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New world, was: Re: Elsevier and cancellations

There are two separate questions:

1. What should we provide if we have unlimited financial resources and no
space constraints (since electronic resources have effectively removed the
space problems that were so difficult with print.)

  I think we are all agreed that researchers ought to have unhindered
access to whatever they might potentially want, which includes the entire
range of published materials, good or bad, relevant or irrelevant.
Librarians are not appropriate judges of this, and in fact, no person or
institution except the researcher personally is or ought to be. ( Now that
it is practical to also provide wide access to a much wider range of less
than formally published material, I think we can and must make this
available also, and the challenge we are just beginning to come to terms
with is how to effectively organize this material for access so that this
can be more than just theoretically available.)

  Students and the general public also have a right --to my thinking an
absolute right --to all of this as well. But they also have a right to
guidance and education if they want it. In the past we have done this
guidance partially passively, in that educational as distinct from
research institutions provided easy access to only a selection of
material, and relied on much less convenient and slower ILL access for the
rest. Most beginning undergraduates do need help in recognizing worthwhile
material, and how to provide it is already an increasing problem.

 2. What should we provide with limited financial resources. 

Now the idea solution here is to remove the financial constraints, and
perhaps a change to less expensive modes of publication like e-print
servers may do this. But at present, we must decide how to most
effectively spend the available money.  This is our professional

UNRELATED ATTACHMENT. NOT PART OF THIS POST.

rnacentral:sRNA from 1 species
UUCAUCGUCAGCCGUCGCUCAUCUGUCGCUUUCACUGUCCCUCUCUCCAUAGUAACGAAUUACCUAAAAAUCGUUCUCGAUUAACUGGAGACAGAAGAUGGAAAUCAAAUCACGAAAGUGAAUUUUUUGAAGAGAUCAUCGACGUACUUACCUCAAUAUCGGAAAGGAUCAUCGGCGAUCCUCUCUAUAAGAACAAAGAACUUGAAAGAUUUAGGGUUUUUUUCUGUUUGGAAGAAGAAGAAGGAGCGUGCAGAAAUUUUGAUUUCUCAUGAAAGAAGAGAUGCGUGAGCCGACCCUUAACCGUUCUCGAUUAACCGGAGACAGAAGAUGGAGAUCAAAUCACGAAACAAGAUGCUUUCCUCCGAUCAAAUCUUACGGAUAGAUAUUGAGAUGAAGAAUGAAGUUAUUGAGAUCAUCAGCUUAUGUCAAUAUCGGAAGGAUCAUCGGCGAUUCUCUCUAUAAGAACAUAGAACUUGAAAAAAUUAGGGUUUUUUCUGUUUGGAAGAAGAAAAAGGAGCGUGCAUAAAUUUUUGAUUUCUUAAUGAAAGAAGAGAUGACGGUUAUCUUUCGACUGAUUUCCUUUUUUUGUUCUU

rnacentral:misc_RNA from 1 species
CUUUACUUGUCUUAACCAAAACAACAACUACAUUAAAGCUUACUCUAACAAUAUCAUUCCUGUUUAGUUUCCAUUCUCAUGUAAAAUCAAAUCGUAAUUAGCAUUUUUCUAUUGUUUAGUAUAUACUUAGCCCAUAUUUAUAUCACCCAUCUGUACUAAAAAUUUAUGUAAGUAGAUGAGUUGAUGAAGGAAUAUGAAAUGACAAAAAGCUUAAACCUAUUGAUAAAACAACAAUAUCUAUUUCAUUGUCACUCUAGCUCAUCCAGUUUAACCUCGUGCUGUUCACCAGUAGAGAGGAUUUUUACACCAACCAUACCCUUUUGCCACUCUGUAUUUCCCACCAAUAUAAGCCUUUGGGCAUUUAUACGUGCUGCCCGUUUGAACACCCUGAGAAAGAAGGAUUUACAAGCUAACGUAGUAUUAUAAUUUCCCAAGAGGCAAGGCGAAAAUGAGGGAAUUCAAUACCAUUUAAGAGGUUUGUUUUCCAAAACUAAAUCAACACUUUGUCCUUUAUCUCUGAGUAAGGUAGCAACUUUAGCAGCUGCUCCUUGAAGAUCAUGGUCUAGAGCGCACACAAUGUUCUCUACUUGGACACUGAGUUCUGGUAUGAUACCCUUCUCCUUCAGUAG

responsibility, and we are professionally obliged to learn how to judge
what material in a given situation is most worth acquiring. It is not
necessarily appropriate for us to accept whatever packages are most
convenient to buy.

  One factor we have always considered is quality, and in the science
periodical literature at least we do have a relatively objective way of
measuring that, if used with sufficient precautions. Another factor we
have always considered is actual use, and it is one of the really good
things about e-journals that we will now have much more accurate ways of
measuring that than we did, if used with appropriate precautions. With
this new medium, we may not yet understand the necessary precautions. I
would suggest, for example, that we must take into account print use as
well as electronic when evaluating the use of a title. I would suggest
that if we make easily accessible a group of poor quality titles, and not
that easily accessible a group of better titles, that if we find the
poorer titles more heavily used we cannot validly conclude that our money
is best spent on the poorer titles. That many library users will happily
use whatever they are quickly presented with, good or bad, is not new,
though it is becoming more obvious with the increasing availability of the

   What I think we are debating is whether, if what we can most easily
make accessible is mediocre titles, that is what we should get; my view is
that we should save our money for the better. A more difficult question is
whether we should accept a publisher's offer to make the good titles
easily accessible if we also make the same publisher's poorer titles as
easily accessible--and pay extra for them, though perhaps only a little
extra. I have a definite position on this, though it certainly seems that
some people I respect from libraries I consider excellent do not have the
same position that I do.

David Goodman, Princeton University Biology Library				
dgoodman @princeton.edu            609-258-3235


On Sun, 29 Aug 1999, Tony Ferguson wrote:

> Isn't it that the current statistics show that, when given the
> opportunity, people use journals that their library would not have owned?  
> Their libraries did not own these journals because with limited budgets
> they bought some and not others.  But that doesn't mean that users
> wouldn't want it otherwise.